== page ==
Vegetable Varieties for Gardeners is a Great Resource

comments (0) May 7th, 2009

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Ruth Ruth Dobsevage, member
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Vegetable Varieties for Gardeners was created by the Cornell Department of Horticulture.
Speckled Roman tomatoes.
Wapsipinicon Peach tomatoes.
Vegetable Varieties for Gardeners was created by the Cornell Department of Horticulture.Click To Enlarge

Vegetable Varieties for Gardeners was created by the Cornell Department of Horticulture.


I just found a great gardening site and want to share it with everyone: The Cornell Department of Horticulture's Vegetable Varieties for Gardeners.

The site was created as part of a "citizen science" project, where gardeners can find out how more than 5,000 vegetable varieties have performed for other gardeners. It is easy to navigate and packed with useful information.

In posting to the site, you are helping other gardeners make decisions about what to grow. You are also helping researchers by providing data from home gardens, something rarely studied. 

If you register for the site, you can rate and report on vegetable varieties you've grown. You can also limit your search results to plants grown in your state or in your frost-free zone, among other options. A helpful How to use this site page explains how to create a profile and access the information you are looking for.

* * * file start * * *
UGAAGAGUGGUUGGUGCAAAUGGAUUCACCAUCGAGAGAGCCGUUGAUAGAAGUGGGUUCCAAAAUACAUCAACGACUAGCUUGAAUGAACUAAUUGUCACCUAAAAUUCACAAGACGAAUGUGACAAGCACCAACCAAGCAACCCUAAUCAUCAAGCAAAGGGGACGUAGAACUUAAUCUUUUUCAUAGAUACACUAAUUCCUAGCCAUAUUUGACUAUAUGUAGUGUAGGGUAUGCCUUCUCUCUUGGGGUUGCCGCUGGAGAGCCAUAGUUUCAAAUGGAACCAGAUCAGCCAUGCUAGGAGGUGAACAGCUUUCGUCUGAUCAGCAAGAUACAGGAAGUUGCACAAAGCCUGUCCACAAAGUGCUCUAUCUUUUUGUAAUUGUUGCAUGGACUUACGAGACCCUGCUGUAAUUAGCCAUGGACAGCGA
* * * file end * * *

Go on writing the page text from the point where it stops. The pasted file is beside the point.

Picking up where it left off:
In addition to the ratings, you'll also find a link to growing guides for everything from artichoke to zucchini. I'm going to consult the eggplant page, so maybe this year I'll have some success for once.

  Wapsipinicon Peach tomatoes   Speckled Roman tomatoes.
  Wapsipinicon Peach (left) and Speckled Roman (right): two unusual tomato varieties.
       
Just to check out the ratings, I looked up Wapsipinicon Peach and Speckled Roman, two tomato varieties I'm growing for the first time this year. I wasn't even sure I'd find them; they are a little off the beaten track, after all. But I did find them, and you'll probably find what you are looking for, too.

So check out the Cornell site, and post your comments below. I'm curious to know what you think.


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